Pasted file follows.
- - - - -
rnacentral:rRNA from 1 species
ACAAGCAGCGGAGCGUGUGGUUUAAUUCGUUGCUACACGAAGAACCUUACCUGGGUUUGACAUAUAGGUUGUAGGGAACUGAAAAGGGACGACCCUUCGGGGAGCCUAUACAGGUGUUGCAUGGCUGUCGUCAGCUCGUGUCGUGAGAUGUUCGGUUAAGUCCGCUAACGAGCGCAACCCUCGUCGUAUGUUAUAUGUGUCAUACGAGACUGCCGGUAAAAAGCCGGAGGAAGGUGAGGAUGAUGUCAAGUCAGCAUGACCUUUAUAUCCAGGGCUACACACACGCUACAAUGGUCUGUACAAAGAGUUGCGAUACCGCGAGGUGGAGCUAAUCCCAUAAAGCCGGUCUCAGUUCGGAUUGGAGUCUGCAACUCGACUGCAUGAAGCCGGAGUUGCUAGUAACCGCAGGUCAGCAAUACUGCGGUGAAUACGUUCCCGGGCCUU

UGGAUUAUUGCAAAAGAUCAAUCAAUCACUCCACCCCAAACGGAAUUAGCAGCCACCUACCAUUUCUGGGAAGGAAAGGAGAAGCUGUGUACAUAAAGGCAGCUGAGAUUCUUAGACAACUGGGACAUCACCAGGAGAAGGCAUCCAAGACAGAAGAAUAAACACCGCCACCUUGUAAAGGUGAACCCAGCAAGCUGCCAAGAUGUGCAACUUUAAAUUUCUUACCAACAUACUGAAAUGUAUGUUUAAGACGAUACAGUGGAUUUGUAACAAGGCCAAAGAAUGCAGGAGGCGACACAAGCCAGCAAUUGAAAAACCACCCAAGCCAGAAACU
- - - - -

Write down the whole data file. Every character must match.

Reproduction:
rnacentral:rRNA from 1 species
ACAAGCAGCGGAGCGUGUGGUUUAAUUCGUUGCUACACGAAGAACCUUACCUGGGUUUGACAUAUAGGUUGUAGGGAACUGAAAAGGGACGACCCUUCGGGGAGCCUAUACAGGUGUUGCAUGGCUGUCGUCAGCUCGUGUCGUGAGAUGUUCGGUUAAGUCCGCUAACGAGCGCAACCCUCGUCGUAUGUUAUAUGUGUCAUACGAGACUGCCGGUAAAAAGCCGGAGGAAGGUGAGGAUGAUGUCAAGUCAGCAUGACCUUUAUAUCCAGGGCUACACACACGCUACAAUGGUCUGUACAAAGAGUUGCGAUACCGCGAGGUGGAGCUAAUCCCAUAAAGCCGGUCUCAGUUCGGAUUGGAGUCUGCAACUCGACUGCAUGAAGCCGGAGUUGCUAGUAACCGCAGGUCAGCAAUACUGCGGUGAAUACGUUCCCGGGCCUU

UGGAUUAUUGCAAAAGAUCAAUCAAUCACUCCACCCCAAACGGAAUUAGCAGCCACCUACCAUUUCUGGGAAGGAAAGGAGAAGCUGUGUACAUAAAGGCAGCUGAGAUUCUUAGACAACUGGGACAUCACCAGGAGAAGGCAUCCAAGACAGAAGAAUAAACACCGCCACCUUGUAAAGGUGAACCCAGCAAGCUGCCAAGAUGUGCAACUUUAAAUUUCUUACCAACAUACUGAAAUGUAUGUUUAAGACGAUACAGUGGAUUUGUAACAAGGCCAAAGAAUGCAGGAGGCGACACAAGCCAGCAAUUGAAAAACCACCCAAGCCAGAAACU